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The Sideling Hill is a long, steep, narrow mountain ridge that runs north to south across western Maryland in Washington County, in the United States. For many centuries, this mountain had blocked the path of many travellers who wished to go from Maryland to northeast West Virginia and vice versa. Travellers had to decide whether they wanted to go around it or over it, but both routes being treacherous, resulted in many mishaps.

The first tunnel was blasted through the rocks of Sideling Hill in 1873–74 for the East Broad Top Railroad. This was followed by at least a couple more. The original railroad tunnel ceased operation in 1956, and the one opened in 1940 is now abandoned. A few decades later, when the Maryland State Highway Administration was laying down Interstate 68 across the state of Maryland, they decided that another tunnel through Sideling Hill would be too expensive. Instead, they decided to cut a deep notch across the hill and lay the road through it. After excavating 10 million tons of rock, engineers discovered they had exposed an unusual geologic structure — a syncline of tightly folded rock strata dating back more than 350 million years.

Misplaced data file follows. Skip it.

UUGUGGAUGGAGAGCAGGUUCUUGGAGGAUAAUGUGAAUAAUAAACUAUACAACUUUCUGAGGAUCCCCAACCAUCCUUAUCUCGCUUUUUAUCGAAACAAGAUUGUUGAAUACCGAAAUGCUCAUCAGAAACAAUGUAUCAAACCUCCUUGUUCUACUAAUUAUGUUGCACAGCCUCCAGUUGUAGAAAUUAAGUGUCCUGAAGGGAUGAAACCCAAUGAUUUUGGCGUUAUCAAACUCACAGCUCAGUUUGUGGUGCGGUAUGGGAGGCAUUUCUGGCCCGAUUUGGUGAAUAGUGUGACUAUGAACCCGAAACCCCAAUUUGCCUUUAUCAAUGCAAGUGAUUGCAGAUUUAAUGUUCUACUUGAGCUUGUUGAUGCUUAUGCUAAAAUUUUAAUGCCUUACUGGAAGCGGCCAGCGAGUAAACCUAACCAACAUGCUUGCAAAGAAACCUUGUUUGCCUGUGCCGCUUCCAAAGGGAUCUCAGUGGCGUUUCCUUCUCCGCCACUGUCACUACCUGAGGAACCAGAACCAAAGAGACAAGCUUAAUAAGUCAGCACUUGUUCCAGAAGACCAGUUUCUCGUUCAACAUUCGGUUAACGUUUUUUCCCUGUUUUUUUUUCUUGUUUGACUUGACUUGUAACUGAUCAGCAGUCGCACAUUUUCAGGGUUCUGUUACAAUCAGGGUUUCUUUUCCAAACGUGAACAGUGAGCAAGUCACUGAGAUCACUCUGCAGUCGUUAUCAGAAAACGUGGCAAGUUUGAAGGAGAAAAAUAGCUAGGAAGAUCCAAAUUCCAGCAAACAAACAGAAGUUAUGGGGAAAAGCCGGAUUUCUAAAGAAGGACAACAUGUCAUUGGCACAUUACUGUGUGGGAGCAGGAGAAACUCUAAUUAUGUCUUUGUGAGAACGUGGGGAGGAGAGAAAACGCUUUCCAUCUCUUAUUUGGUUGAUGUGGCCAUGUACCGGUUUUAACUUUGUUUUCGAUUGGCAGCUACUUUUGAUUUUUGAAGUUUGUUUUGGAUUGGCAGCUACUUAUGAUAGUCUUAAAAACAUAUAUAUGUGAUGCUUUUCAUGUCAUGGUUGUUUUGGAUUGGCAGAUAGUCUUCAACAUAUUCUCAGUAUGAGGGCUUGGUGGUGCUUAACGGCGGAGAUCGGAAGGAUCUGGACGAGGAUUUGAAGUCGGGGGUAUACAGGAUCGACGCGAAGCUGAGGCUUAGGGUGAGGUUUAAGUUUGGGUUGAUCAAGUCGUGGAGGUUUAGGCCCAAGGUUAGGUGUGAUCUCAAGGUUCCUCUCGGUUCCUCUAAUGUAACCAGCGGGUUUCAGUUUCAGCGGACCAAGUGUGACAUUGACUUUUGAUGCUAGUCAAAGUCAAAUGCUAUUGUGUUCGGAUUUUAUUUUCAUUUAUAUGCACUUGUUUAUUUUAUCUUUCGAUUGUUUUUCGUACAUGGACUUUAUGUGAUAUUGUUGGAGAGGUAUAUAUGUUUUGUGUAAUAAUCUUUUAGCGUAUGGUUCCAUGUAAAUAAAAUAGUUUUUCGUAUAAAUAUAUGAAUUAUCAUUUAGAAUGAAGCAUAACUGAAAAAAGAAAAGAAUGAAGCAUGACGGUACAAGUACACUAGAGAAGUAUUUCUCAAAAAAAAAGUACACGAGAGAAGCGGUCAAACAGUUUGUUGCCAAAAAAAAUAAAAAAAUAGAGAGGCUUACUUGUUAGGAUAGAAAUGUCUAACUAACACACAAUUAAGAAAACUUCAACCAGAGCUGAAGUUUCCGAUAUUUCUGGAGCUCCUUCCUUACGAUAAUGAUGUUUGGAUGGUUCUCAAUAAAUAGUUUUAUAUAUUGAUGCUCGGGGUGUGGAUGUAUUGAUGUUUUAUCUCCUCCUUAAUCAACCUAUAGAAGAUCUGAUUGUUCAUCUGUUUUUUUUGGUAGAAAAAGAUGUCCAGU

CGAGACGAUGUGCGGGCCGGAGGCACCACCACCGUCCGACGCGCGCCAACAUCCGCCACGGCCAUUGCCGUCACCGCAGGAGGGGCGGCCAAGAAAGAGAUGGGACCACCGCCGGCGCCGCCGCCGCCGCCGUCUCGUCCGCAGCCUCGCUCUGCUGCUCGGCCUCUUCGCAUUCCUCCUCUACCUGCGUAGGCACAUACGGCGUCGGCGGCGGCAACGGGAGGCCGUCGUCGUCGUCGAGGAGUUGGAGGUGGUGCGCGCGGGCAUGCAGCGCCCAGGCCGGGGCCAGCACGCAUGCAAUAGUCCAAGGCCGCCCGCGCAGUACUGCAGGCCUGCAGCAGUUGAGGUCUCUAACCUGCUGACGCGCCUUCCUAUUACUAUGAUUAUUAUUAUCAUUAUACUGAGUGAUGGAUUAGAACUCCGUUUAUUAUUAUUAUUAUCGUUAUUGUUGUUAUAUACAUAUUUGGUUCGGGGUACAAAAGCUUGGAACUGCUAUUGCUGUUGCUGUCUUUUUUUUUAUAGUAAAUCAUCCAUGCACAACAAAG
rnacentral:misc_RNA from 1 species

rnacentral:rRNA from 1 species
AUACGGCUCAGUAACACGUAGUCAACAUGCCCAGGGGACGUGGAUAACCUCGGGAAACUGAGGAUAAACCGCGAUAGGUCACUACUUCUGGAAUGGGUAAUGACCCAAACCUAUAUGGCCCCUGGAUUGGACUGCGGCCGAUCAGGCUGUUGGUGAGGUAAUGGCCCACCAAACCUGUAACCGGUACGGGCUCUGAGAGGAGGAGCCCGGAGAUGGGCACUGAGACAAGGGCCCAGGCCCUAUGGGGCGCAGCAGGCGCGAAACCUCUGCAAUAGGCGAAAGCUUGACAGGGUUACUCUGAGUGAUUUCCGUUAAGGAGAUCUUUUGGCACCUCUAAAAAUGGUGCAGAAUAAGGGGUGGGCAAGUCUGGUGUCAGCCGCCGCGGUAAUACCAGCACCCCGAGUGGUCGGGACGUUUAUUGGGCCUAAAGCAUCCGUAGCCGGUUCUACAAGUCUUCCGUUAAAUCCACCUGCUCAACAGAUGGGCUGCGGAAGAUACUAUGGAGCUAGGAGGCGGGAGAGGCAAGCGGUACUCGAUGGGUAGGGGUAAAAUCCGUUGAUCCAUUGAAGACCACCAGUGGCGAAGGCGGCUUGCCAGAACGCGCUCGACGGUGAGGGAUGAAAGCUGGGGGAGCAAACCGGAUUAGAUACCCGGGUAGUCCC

Sideling-Hill-Road-Cut-3

Sunrise hits the south side rocks of the Sideling Hill road cut along I-68. Photo credit

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© Amusing Planet, 2015.


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